The plundering of Latin America wasn’t Major League Baseball’s original sin. It’s simply the one that has festered the longest. Corruption of all kinds – illicit payoffs, bonus-money skimming, doping teenagers with performance-enhancing drugs – has been treated as the cost of doing business. And the fallout may finally strike the game with the sort of consequences that for decades have seemed inevitable.
A federal grand jury is looking into Major League Baseball teams’ international dealings and has issued subpoenas to club officials and other personnel involved in the transactions, three sources familiar with the probe told Yahoo Sports. Agents from the FBI have spearheaded the investigation, according to sources familiar with it, and lawyers from the Department of Justice who specialize in Foreign Corrupt Practices Act cases – which typically involve bribery of foreign officials – are involved as well.
While the target of the inquiry could not be confirmed by Yahoo Sports, sources said investigators have subpoenaed at least one former Atlanta Braves official as well as people involved with the signing of Cuban star Hector Olivera, who agreed to a deal with the Los Angeles Dodgers before being traded to the Braves. Multiple witnesses have agreed to cooperate with the investigation, according to sources.
Just how deep the case goes is unclear. MLB’s business in Latin America is expansive. All 30 teams have academies in the Dominican Republic and regularly scout players from Venezuela. They spend well over $100 million a year on international amateur talent. Most of the players are 16 years old and have trained since before they were teenagers in hopes of fetching large signing bonuses on July 2, the first day of the international signing period.
The potential threads to investigate are almost limitless. Front-office officials have been sent to prison for schemes in which they skimmed money from signing bonuses. An agent last year was convicted for smuggling Cuban players, which has happened regularly over the last decade and went unregulated by the league. Other agents are alleged to have paid players to steal them as clients from competitors, an issue that directly affects the MLB Players Association.
MLB’s tacit acknowledgement of the issues in Latin America have come through both penalty and action. In November, the league banned for life former Atlanta Braves general manager John Coppolella after its investigation revealed the team had run afoul of international signing rules. A year earlier, the Boston Red Sox were penalized for similar – though less severe – infractions. In 2010, MLB suspended A.J. Preller – now the GM of the San Diego Padres, then head of the Texas Rangers’ Latin American operations – for illicit negotiation with a player. The league last year hired a forensic accountant to look through teams’ books and ferret out illegitimate business in Latin America, according to two sources, one step among a handful MLB hopes to use as it tries to change the culture.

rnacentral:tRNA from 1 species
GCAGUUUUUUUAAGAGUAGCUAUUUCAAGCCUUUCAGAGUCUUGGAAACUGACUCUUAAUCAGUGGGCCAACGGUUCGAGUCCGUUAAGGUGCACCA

The league has redoubled efforts to prioritize change in Latin America, starting with the Trainer Partnership Program, which will attempt to incentivize the buscones – trainers who spend years cultivating young talent – to end the pervasive use of PEDs on young teenage boys. The desire to foster a stronger relationship has been productive, according to two trainers who this week said the presence of MLB deputy commissioner Dan Halem at an event in the D.R. last week left a strong impression and belief that a relationship with the league could be more productive than with the MLBPA, which traditionally represents the buscones in labor negotiations.
MLB’s culpability in the larger scheme of how teams operate in Latin America is a vexing question – and one commissioner Rob Manfred will have to answer. What did the league know about Olivera? MLBPA executive director Tony Clark will be pressed similarly: Was Olivera’s representation aware of anything? Officials from the league, MLBPA, Dodgers and Braves declined comment. Olivera’s agent, Greg Genske, did not return messages seeking comment.
Of course, Olivera is just one player. One investigative possibility. One $62.5 million bust with 108 career plate appearances and an 82-game suspension for a domestic incident that later sent him to jail for 10 days. The scope of the probe could go so much deeper, so much wider. It is potentially, for people in Latin America who have long felt taken advantage of by baseball, an overdue comeuppance.
And as MLB enters the final weekend of its regular season, with the National League a wide-open frenzy and the American League primed for a fascinating postseason, the grand jury is a reminder that the business of baseball is ever vulnerable. The Braves, in the midst of a magic season that led them to an NL East championship, aren’t entirely rid of their past misdeeds. Other organizations that have taken liberties in Latin America have a right to be fearful if the scope of the investigation is as wide as it could be.
The league and the union, meanwhile, can only hope that their treatment of the issues in Latin America as the cost of doing business don’t fall back on them. A federal grand jury is serious. The Department of Justice’s involvement has top officials on both sides spooked. Where it’s going they don’t know. In a business as opaque as baseball in Latin America – a business the powers that be on both sides created – it’s only fitting.
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